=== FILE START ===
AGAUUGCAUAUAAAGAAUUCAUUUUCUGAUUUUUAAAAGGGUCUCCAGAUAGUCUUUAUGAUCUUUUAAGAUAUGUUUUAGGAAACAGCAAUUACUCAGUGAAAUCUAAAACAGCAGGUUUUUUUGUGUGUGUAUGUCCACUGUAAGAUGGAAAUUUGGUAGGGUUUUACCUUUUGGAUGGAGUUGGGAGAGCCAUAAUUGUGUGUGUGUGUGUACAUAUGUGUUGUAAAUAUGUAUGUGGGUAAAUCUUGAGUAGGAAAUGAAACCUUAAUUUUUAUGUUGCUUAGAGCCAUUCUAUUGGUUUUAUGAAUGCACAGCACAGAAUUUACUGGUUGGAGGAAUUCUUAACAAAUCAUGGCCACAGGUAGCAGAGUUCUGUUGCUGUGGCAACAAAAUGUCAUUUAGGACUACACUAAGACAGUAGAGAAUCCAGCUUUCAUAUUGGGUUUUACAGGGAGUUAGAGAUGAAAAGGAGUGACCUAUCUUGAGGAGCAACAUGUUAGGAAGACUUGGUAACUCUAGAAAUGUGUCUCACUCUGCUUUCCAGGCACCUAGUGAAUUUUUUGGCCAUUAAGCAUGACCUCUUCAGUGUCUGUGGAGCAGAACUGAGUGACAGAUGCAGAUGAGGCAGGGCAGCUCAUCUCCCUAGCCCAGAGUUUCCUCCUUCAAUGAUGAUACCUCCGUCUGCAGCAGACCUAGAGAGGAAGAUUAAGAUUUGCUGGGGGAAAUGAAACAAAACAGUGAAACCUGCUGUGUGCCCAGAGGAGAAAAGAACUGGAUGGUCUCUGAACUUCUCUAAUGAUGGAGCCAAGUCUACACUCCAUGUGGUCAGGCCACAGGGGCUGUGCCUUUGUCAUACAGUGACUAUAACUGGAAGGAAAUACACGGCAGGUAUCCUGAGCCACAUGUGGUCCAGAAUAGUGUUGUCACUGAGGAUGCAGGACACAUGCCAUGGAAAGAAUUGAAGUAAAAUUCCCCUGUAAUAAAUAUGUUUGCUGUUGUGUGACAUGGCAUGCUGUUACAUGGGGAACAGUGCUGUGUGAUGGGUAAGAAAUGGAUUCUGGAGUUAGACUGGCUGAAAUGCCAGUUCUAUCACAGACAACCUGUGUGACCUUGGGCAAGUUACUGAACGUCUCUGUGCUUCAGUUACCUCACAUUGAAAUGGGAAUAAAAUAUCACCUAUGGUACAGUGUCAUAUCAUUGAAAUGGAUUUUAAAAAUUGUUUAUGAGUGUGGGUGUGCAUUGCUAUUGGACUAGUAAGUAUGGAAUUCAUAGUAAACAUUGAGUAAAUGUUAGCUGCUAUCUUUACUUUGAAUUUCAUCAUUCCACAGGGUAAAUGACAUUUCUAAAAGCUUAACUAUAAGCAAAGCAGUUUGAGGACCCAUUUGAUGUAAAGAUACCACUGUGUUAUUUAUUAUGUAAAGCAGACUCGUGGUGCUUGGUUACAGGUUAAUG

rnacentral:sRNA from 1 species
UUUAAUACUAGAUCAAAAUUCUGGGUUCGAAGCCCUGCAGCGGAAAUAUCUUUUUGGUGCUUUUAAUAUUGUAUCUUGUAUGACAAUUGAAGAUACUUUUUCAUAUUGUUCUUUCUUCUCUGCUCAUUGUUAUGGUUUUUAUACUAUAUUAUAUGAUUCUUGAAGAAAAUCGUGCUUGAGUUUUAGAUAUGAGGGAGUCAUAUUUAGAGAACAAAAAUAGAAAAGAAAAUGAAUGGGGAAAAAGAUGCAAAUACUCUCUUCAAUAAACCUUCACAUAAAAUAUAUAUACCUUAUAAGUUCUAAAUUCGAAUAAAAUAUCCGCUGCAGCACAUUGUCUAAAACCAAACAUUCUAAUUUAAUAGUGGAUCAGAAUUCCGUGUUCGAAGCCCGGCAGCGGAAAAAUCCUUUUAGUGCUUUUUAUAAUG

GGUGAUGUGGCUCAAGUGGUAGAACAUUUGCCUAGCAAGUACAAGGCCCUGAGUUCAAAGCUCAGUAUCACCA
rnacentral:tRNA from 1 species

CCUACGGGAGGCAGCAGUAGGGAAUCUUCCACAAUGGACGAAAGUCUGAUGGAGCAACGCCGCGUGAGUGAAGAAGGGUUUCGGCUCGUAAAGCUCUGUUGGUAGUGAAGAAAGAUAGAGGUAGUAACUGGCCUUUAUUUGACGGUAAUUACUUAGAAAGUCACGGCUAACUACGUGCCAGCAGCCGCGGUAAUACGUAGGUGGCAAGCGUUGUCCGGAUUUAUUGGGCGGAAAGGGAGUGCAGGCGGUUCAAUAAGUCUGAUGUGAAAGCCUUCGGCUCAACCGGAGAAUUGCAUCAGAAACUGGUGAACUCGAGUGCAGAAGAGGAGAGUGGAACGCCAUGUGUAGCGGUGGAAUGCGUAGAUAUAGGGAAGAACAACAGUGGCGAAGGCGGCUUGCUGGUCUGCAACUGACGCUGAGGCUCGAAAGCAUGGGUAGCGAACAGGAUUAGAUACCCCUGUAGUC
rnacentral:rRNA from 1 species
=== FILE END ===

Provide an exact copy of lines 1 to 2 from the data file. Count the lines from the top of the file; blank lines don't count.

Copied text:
AGAUUGCAUAUAAAGAAUUCAUUUUCUGAUUUUUAAAAGGGUCUCCAGAUAGUCUUUAUGAUCUUUUAAGAUAUGUUUUAGGAAACAGCAAUUACUCAGUGAAAUCUAAAACAGCAGGUUUUUUUGUGUGUGUAUGUCCACUGUAAGAUGGAAAUUUGGUAGGGUUUUACCUUUUGGAUGGAGUUGGGAGAGCCAUAAUUGUGUGUGUGUGUGUACAUAUGUGUUGUAAAUAUGUAUGUGGGUAAAUCUUGAGUAGGAAAUGAAACCUUAAUUUUUAUGUUGCUUAGAGCCAUUCUAUUGGUUUUAUGAAUGCACAGCACAGAAUUUACUGGUUGGAGGAAUUCUUAACAAAUCAUGGCCACAGGUAGCAGAGUUCUGUUGCUGUGGCAACAAAAUGUCAUUUAGGACUACACUAAGACAGUAGAGAAUCCAGCUUUCAUAUUGGGUUUUACAGGGAGUUAGAGAUGAAAAGGAGUGACCUAUCUUGAGGAGCAACAUGUUAGGAAGACUUGGUAACUCUAGAAAUGUGUCUCACUCUGCUUUCCAGGCACCUAGUGAAUUUUUUGGCCAUUAAGCAUGACCUCUUCAGUGUCUGUGGAGCAGAACUGAGUGACAGAUGCAGAUGAGGCAGGGCAGCUCAUCUCCCUAGCCCAGAGUUUCCUCCUUCAAUGAUGAUACCUCCGUCUGCAGCAGACCUAGAGAGGAAGAUUAAGAUUUGCUGGGGGAAAUGAAACAAAACAGUGAAACCUGCUGUGUGCCCAGAGGAGAAAAGAACUGGAUGGUCUCUGAACUUCUCUAAUGAUGGAGCCAAGUCUACACUCCAUGUGGUCAGGCCACAGGGGCUGUGCCUUUGUCAUACAGUGACUAUAACUGGAAGGAAAUACACGGCAGGUAUCCUGAGCCACAUGUGGUCCAGAAUAGUGUUGUCACUGAGGAUGCAGGACACAUGCCAUGGAAAGAAUUGAAGUAAAAUUCCCCUGUAAUAAAUAUGUUUGCUGUUGUGUGACAUGGCAUGCUGUUACAUGGGGAACAGUGCUGUGUGAUGGGUAAGAAAUGGAUUCUGGAGUUAGACUGGCUGAAAUGCCAGUUCUAUCACAGACAACCUGUGUGACCUUGGGCAAGUUACUGAACGUCUCUGUGCUUCAGUUACCUCACAUUGAAAUGGGAAUAAAAUAUCACCUAUGGUACAGUGUCAUAUCAUUGAAAUGGAUUUUAAAAAUUGUUUAUGAGUGUGGGUGUGCAUUGCUAUUGGACUAGUAAGUAUGGAAUUCAUAGUAAACAUUGAGUAAAUGUUAGCUGCUAUCUUUACUUUGAAUUUCAUCAUUCCACAGGGUAAAUGACAUUUCUAAAAGCUUAACUAUAAGCAAAGCAGUUUGAGGACCCAUUUGAUGUAAAGAUACCACUGUGUUAUUUAUUAUGUAAAGCAGACUCGUGGUGCUUGGUUACAGGUUAAUG

rnacentral:sRNA from 1 species